— Twenty minutes after the initial attack, 89 people were massacred at the Bataclan, a concert venue where the American rock band Eagles Of Death Metal was playing, Paris' prosecutor said Saturday evening. Witnesses reported a horrific scene as multiple gunmen fired into the crowd and audience members scrambled for cover or an exit. Witnesses say the gunmen shouted "God is great" in Arabic and ranted about Iraq and Syria. French authorities said the gunmen eventually turned the attack into a hostage situation that ended after several hours, when anti-terrorist police stormed the hall and ended the siege.

— The death of American Nohemi Gonzalez, a college design student who was spending a semester studying in Paris, has been confirmed by California State University Long Beach.

— Other Americans are among the injured. The U.S. government "is working closely with French authorities to identify American victims," says the State Department's deputy spokesman, Mark Toner. He says the embassy is working to help Americans who were injured.

— At least one British citizen died in the attack, the BBC reports. Citing Britain's Foreign Office, the news agency says "there could be a 'handful' of other British fatalities."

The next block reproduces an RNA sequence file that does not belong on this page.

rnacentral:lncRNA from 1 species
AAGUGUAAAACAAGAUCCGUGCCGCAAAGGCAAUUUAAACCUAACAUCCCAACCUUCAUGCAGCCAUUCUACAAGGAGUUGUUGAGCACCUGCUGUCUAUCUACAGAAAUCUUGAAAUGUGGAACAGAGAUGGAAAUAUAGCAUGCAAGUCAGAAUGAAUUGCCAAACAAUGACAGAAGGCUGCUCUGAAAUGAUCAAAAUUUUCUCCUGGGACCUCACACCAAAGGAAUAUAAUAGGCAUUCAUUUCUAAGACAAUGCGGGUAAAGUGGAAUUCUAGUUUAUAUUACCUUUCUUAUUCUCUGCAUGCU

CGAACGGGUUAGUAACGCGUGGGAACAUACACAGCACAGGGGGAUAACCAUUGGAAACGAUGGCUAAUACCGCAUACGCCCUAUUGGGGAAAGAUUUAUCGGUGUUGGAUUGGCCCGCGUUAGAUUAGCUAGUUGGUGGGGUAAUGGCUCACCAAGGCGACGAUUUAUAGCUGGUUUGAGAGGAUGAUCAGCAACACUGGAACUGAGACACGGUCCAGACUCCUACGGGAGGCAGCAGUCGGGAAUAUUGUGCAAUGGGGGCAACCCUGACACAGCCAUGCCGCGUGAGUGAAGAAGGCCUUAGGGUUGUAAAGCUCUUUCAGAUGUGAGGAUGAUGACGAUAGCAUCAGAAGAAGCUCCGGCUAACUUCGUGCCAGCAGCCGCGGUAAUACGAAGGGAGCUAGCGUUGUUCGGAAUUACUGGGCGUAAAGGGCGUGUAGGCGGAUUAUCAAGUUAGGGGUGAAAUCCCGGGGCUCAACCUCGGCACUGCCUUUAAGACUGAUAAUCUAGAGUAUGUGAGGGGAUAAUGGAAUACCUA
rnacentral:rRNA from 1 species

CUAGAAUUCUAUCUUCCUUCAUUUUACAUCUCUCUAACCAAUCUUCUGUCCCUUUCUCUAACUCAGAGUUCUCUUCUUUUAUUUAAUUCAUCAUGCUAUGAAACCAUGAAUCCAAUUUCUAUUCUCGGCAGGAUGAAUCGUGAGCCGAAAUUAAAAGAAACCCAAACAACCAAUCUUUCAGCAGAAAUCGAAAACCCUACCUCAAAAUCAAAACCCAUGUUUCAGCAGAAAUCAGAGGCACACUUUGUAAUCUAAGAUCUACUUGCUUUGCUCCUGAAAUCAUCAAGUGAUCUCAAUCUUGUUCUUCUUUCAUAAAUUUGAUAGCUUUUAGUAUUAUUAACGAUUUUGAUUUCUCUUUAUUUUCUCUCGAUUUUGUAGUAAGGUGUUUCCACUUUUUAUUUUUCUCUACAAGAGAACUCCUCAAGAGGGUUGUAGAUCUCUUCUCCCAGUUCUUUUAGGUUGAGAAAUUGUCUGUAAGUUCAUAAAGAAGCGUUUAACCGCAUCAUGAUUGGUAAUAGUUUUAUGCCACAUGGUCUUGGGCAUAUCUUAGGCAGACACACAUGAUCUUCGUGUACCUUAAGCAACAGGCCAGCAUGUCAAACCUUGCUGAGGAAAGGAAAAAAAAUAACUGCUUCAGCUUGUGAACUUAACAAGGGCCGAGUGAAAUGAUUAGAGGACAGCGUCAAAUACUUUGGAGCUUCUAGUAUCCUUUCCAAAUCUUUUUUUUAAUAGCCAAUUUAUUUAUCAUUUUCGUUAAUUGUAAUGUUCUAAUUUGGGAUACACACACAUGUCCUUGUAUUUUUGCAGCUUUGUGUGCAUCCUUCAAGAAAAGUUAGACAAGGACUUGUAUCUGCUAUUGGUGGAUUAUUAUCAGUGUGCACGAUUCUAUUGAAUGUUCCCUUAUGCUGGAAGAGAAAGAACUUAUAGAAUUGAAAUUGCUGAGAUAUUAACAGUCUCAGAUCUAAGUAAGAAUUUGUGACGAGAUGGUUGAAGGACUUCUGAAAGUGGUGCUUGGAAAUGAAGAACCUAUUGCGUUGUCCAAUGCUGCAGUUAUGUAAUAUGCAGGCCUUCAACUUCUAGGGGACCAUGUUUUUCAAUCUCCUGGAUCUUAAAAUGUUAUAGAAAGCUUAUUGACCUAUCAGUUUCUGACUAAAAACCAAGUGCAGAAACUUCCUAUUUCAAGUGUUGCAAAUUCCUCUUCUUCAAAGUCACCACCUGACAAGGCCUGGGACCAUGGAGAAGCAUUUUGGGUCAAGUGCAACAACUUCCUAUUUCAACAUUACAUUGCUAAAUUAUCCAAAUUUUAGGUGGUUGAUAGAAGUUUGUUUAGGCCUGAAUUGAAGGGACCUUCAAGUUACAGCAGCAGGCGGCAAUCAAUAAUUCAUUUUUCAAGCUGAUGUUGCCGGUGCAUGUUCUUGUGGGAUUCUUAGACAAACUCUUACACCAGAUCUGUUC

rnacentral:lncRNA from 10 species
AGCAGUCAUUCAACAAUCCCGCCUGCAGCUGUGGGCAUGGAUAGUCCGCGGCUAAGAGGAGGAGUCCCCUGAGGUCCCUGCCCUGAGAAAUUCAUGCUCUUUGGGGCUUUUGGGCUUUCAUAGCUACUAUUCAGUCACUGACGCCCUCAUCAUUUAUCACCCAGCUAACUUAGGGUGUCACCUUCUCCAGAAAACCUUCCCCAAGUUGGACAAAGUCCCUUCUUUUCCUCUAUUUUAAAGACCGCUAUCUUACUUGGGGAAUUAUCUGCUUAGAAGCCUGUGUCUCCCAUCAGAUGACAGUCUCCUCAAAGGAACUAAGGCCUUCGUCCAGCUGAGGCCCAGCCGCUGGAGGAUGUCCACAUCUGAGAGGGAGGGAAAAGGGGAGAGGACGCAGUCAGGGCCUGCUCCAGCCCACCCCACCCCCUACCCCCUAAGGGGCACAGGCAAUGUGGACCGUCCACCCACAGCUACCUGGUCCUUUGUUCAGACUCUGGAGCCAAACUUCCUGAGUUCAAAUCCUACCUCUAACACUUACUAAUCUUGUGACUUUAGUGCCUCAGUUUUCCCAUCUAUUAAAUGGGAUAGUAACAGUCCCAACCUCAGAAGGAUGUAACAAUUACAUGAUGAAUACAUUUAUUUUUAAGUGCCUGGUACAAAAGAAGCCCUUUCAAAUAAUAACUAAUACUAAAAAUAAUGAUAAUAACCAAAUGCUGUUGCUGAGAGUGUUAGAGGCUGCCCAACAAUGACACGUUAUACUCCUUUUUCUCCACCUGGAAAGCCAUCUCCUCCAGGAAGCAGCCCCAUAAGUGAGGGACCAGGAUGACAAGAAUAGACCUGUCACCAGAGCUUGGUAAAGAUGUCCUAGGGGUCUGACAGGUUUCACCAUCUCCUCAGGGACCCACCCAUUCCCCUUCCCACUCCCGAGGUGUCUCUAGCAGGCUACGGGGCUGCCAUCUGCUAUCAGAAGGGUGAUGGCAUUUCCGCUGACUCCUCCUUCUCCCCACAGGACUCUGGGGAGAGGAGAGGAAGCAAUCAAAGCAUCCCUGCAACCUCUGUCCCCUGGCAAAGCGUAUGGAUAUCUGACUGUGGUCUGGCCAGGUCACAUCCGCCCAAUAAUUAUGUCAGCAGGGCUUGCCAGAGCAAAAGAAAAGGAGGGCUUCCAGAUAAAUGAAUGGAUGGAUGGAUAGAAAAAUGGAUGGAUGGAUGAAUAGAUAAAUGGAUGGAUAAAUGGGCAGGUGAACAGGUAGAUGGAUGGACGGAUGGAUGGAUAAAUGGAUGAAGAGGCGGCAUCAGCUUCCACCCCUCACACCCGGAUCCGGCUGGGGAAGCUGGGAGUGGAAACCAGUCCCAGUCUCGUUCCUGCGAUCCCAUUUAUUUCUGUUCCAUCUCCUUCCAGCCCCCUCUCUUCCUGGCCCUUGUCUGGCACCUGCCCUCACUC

The Attackers

— Investigators believe the assailants were organized in three separate teams. Police say seven attackers died Friday night, most of them killed by explosives they were wearing. (Earlier announcements had said eight attackers were involved.)

— Hollande is calling the attacks an "act of war" committed by the Islamic State.

— Shortly after Hollande spoke, ISIS released a statement saying it was behind the attack, and that eight suicide bombers had been involved, according to SITE Intelligence, which monitors jihadist groups.

— Some of the attackers were killed when police stormed the concert venue in order to end the hostage situation, French authorities say.

— The attackers' weapons included automatic rifles and explosives, likely deployed as suicide bombs.

— Law enforcement officials tell Dina that the coordination of this attack is beyond anything shown by the so-called Islamic State or its affiliates so far.

The Investigation

— A Syrian passport that was found with one assailant was recorded as passing through the island of Leros, according to reporter Joanna Kakissis, citing Greece's deputy citizens' protection minister Nikos Toskas. The deputy minister says someone holding that passport passed through Leros on Oct. 3, and that the country is unsure where else he might have traveled.